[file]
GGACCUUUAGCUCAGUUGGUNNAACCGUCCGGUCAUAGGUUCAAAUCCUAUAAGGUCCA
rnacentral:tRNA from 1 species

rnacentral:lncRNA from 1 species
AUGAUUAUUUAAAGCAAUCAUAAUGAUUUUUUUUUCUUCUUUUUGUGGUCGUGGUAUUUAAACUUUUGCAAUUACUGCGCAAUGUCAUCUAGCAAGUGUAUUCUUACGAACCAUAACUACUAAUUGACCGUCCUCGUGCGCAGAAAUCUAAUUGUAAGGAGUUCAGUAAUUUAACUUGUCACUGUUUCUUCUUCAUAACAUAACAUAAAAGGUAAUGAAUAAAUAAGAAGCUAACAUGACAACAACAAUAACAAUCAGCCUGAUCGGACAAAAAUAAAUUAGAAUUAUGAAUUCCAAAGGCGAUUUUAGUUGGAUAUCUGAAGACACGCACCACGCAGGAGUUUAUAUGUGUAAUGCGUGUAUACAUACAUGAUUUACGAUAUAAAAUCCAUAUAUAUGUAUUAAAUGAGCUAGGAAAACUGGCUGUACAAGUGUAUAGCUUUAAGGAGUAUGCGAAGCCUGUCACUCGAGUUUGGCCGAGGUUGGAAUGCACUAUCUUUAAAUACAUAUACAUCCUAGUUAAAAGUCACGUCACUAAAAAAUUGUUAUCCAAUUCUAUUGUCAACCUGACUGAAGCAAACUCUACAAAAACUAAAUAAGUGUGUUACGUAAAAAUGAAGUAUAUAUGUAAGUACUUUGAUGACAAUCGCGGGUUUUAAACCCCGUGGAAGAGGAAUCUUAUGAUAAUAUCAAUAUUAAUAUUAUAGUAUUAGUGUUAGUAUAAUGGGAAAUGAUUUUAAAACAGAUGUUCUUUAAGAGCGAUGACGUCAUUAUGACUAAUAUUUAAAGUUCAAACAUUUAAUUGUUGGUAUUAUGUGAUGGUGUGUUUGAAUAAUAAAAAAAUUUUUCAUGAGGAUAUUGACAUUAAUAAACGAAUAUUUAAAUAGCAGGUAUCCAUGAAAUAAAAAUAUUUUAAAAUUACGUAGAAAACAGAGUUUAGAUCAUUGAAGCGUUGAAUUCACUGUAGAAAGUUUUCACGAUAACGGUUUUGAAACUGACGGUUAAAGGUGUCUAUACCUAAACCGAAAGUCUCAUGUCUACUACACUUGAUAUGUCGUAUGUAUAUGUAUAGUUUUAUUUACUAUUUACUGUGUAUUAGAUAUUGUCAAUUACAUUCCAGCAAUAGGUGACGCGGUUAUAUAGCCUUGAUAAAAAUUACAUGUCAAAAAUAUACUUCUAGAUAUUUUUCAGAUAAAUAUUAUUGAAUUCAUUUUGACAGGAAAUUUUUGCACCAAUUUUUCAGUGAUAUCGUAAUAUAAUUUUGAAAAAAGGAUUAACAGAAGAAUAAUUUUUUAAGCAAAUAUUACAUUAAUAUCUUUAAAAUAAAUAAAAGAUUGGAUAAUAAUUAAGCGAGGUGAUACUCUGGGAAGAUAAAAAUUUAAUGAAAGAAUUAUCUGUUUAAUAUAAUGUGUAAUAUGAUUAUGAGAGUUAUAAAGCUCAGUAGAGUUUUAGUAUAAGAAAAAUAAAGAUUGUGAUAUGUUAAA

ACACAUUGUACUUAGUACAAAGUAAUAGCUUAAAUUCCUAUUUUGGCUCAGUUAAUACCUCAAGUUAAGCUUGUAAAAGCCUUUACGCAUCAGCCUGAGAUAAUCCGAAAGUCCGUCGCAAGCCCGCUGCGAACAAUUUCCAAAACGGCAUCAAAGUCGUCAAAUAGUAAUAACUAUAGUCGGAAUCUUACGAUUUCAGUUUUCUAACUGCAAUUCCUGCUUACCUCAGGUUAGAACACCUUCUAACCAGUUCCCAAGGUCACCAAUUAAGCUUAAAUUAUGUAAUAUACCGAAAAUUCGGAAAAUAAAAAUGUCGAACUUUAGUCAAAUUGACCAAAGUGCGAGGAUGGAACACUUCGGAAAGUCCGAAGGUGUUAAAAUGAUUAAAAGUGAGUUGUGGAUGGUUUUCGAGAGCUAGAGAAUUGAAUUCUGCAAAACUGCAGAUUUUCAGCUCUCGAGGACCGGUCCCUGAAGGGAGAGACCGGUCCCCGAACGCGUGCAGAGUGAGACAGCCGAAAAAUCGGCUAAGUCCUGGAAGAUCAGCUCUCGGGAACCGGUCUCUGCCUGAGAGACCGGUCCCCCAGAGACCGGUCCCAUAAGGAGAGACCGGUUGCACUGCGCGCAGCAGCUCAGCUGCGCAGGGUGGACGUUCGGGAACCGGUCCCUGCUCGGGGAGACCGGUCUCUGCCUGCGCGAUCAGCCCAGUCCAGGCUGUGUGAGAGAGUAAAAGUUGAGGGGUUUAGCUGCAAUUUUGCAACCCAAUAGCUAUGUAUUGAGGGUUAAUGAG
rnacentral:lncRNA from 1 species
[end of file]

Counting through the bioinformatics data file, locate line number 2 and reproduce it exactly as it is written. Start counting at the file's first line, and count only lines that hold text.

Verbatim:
rnacentral:tRNA from 1 species